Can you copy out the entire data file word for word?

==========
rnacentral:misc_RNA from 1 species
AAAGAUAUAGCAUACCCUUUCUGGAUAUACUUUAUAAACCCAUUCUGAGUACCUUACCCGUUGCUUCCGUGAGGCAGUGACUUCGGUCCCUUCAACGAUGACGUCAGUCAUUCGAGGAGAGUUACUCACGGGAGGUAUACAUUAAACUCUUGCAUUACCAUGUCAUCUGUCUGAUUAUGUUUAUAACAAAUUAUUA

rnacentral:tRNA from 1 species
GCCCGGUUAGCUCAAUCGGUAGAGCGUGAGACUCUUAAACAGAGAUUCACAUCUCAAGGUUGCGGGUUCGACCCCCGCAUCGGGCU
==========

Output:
rnacentral:misc_RNA from 1 species
AAAGAUAUAGCAUACCCUUUCUGGAUAUACUUUAUAAACCCAUUCUGAGUACCUUACCCGUUGCUUCCGUGAGGCAGUGACUUCGGUCCCUUCAACGAUGACGUCAGUCAUUCGAGGAGAGUUACUCACGGGAGGUAUACAUUAAACUCUUGCAUUACCAUGUCAUCUGUCUGAUUAUGUUUAUAACAAAUUAUUA

rnacentral:tRNA from 1 species
GCCCGGUUAGCUCAAUCGGUAGAGCGUGAGACUCUUAAACAGAGAUUCACAUCUCAAGGUUGCGGGUUCGACCCCCGCAUCGGGCU